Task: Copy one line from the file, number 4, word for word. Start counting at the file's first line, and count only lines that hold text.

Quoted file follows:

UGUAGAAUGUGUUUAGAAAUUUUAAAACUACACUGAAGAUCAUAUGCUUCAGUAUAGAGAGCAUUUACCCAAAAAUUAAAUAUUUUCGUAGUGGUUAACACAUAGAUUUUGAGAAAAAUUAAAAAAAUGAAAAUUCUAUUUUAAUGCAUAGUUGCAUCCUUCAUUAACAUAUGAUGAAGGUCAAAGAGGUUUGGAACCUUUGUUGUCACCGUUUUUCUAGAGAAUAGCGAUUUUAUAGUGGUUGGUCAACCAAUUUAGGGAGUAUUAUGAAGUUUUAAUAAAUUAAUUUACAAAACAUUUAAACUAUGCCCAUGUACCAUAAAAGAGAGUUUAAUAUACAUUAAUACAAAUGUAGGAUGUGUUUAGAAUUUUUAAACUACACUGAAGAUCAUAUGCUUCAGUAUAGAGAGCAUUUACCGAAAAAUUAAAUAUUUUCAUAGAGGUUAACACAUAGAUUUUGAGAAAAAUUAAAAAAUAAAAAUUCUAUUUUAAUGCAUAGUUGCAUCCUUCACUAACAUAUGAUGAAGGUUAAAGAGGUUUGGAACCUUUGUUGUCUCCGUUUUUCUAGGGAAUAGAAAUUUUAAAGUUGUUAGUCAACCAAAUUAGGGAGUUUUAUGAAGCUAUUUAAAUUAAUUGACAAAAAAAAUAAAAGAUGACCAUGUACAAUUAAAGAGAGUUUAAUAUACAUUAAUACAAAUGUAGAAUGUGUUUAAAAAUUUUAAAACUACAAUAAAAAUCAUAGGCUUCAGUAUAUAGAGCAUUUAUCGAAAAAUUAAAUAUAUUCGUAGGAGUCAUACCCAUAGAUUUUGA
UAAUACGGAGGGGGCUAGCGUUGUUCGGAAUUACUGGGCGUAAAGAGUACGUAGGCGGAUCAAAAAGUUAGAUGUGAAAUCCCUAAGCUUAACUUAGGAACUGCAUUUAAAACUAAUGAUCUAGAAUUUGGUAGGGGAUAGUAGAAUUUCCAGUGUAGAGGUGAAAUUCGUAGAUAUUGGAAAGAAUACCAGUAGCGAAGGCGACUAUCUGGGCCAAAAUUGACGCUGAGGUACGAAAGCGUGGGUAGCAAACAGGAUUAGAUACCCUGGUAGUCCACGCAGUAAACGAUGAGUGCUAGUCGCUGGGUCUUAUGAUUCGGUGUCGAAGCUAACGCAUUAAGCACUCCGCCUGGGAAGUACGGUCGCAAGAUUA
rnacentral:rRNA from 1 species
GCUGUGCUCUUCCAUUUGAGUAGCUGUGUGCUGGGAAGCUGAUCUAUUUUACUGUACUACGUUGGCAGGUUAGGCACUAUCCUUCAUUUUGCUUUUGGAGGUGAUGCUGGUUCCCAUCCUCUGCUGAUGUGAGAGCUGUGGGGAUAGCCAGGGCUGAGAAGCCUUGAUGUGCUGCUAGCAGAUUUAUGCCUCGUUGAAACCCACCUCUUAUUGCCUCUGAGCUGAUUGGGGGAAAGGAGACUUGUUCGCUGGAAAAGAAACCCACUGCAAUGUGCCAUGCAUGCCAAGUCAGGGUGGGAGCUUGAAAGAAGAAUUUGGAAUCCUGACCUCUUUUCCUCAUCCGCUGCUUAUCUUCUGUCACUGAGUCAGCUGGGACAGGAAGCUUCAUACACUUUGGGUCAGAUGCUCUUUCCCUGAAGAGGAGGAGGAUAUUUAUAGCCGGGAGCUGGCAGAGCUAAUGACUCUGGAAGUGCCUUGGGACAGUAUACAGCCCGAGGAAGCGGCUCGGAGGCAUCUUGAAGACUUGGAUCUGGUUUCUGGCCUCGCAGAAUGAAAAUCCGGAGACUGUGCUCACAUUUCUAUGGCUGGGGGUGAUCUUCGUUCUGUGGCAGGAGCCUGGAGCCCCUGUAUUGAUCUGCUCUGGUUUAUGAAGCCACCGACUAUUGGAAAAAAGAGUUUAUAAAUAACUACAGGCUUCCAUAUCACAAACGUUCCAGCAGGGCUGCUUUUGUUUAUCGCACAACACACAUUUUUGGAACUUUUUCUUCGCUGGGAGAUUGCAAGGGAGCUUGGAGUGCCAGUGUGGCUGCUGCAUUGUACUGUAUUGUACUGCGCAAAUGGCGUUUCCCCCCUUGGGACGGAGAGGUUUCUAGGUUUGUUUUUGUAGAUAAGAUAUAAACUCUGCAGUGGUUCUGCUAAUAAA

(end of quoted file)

GCUGUGCUCUUCCAUUUGAGUAGCUGUGUGCUGGGAAGCUGAUCUAUUUUACUGUACUACGUUGGCAGGUUAGGCACUAUCCUUCAUUUUGCUUUUGGAGGUGAUGCUGGUUCCCAUCCUCUGCUGAUGUGAGAGCUGUGGGGAUAGCCAGGGCUGAGAAGCCUUGAUGUGCUGCUAGCAGAUUUAUGCCUCGUUGAAACCCACCUCUUAUUGCCUCUGAGCUGAUUGGGGGAAAGGAGACUUGUUCGCUGGAAAAGAAACCCACUGCAAUGUGCCAUGCAUGCCAAGUCAGGGUGGGAGCUUGAAAGAAGAAUUUGGAAUCCUGACCUCUUUUCCUCAUCCGCUGCUUAUCUUCUGUCACUGAGUCAGCUGGGACAGGAAGCUUCAUACACUUUGGGUCAGAUGCUCUUUCCCUGAAGAGGAGGAGGAUAUUUAUAGCCGGGAGCUGGCAGAGCUAAUGACUCUGGAAGUGCCUUGGGACAGUAUACAGCCCGAGGAAGCGGCUCGGAGGCAUCUUGAAGACUUGGAUCUGGUUUCUGGCCUCGCAGAAUGAAAAUCCGGAGACUGUGCUCACAUUUCUAUGGCUGGGGGUGAUCUUCGUUCUGUGGCAGGAGCCUGGAGCCCCUGUAUUGAUCUGCUCUGGUUUAUGAAGCCACCGACUAUUGGAAAAAAGAGUUUAUAAAUAACUACAGGCUUCCAUAUCACAAACGUUCCAGCAGGGCUGCUUUUGUUUAUCGCACAACACACAUUUUUGGAACUUUUUCUUCGCUGGGAGAUUGCAAGGGAGCUUGGAGUGCCAGUGUGGCUGCUGCAUUGUACUGUAUUGUACUGCGCAAAUGGCGUUUCCCCCCUUGGGACGGAGAGGUUUCUAGGUUUGUUUUUGUAGAUAAGAUAUAAACUCUGCAGUGGUUCUGCUAAUAAA